WASHINGTON – The Bureau of Reclamation released the Upper Red River Basin Study report outlining the findings of a seven-year comprehensive study of the upper reaches of the Red River in Oklahoma. The report identifies a range of operational, administrative, and legal strategies that could address water supply imbalances as well as strategies to develop supplemental water supplies.
The Upper Red River Basin Study is a collaborative effort between the Bureau of Reclamation, Oklahoma Water Resources Board, Lugert-Altus Irrigation District and Mountain Park Master Conservancy District that evaluated strategies that improve water supply reliability and drought resiliency of two Reclamation reservoirs in southwest Oklahoma - Lugert-Altus Reservoir and Tom Steed Reservoir.
“This basin study brought our partners together and will inform water management strategies in the basin for decades to come,” said Reclamation Commissioner Camille Calimlim Touton. “Our collaboration on the study with local officials will help meet future water demands in the basin and help inform water policy with the latest available science.”
Through the basin study, partners developed new ground and surface water models and measured the impacts of upstream water rights on Reclamation’s reservoir supplies. Among the many strategies evaluated through modeling is a new framework for managing water rights during future periods of drought to increase the predictability and reliability of water supplies in the two basins.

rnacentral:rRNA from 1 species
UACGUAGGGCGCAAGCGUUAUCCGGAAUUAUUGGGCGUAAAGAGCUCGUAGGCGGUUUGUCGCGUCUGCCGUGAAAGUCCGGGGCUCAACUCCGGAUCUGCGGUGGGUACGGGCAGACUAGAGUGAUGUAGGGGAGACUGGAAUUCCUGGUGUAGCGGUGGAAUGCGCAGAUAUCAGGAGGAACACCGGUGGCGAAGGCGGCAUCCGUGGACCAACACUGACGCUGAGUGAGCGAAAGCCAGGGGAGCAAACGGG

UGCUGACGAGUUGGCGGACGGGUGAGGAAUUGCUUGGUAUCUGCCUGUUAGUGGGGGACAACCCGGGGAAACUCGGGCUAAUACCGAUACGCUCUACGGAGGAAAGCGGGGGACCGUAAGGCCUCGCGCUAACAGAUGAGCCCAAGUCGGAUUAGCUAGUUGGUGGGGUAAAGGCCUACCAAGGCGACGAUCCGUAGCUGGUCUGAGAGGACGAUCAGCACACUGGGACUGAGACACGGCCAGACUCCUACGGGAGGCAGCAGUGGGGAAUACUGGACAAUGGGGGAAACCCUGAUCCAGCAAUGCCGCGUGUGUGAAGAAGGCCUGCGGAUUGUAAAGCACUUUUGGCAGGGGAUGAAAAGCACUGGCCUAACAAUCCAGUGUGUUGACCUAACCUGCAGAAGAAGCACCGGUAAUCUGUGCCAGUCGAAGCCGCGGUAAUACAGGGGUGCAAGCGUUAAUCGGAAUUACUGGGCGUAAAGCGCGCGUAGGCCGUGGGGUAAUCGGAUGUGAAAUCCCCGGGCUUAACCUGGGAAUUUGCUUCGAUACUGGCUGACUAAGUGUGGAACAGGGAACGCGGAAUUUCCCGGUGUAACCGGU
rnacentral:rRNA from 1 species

Reclamation selected the Upper Red River Basin as part of the WaterSMART Basin Study Program in 2014. Basin studies are comprehensive water studies that define options for meeting future water demands in river basins in the western United States where imbalances in water supply and demand exist or are projected to exist.
The WaterSMART Program addresses increasing water supply challenges, including chronic water shortages due to population growth, climate variability and change and growing competition for finite water supplies. Through the Basin Study Program, Reclamation will work cooperatively with state and local partners in the 17 western states to evaluate future water supply and demand imbalances, assess the risks and impacts of climate change on water resources and develop potential mitigation and adaptation strategies to meet future demands.
To read the Upper Red River Basins Study Summary Report or learn more about WaterSMART and the other basin studies, please visit: www.usbr.gov/WaterSMART/bsp/index.html